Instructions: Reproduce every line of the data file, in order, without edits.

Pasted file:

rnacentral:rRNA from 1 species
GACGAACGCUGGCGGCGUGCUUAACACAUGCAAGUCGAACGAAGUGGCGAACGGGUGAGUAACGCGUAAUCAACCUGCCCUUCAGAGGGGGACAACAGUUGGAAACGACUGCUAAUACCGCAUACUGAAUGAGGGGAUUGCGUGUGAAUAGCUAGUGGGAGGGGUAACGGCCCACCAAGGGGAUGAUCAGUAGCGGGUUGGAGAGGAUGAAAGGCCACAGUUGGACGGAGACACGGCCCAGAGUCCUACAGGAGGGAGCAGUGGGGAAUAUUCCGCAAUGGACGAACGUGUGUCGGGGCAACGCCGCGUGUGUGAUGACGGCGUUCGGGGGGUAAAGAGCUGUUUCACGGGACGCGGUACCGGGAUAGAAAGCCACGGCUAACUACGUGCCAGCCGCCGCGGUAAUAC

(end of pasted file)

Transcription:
rnacentral:rRNA from 1 species
GACGAACGCUGGCGGCGUGCUUAACACAUGCAAGUCGAACGAAGUGGCGAACGGGUGAGUAACGCGUAAUCAACCUGCCCUUCAGAGGGGGACAACAGUUGGAAACGACUGCUAAUACCGCAUACUGAAUGAGGGGAUUGCGUGUGAAUAGCUAGUGGGAGGGGUAACGGCCCACCAAGGGGAUGAUCAGUAGCGGGUUGGAGAGGAUGAAAGGCCACAGUUGGACGGAGACACGGCCCAGAGUCCUACAGGAGGGAGCAGUGGGGAAUAUUCCGCAAUGGACGAACGUGUGUCGGGGCAACGCCGCGUGUGUGAUGACGGCGUUCGGGGGGUAAAGAGCUGUUUCACGGGACGCGGUACCGGGAUAGAAAGCCACGGCUAACUACGUGCCAGCCGCCGCGGUAAUAC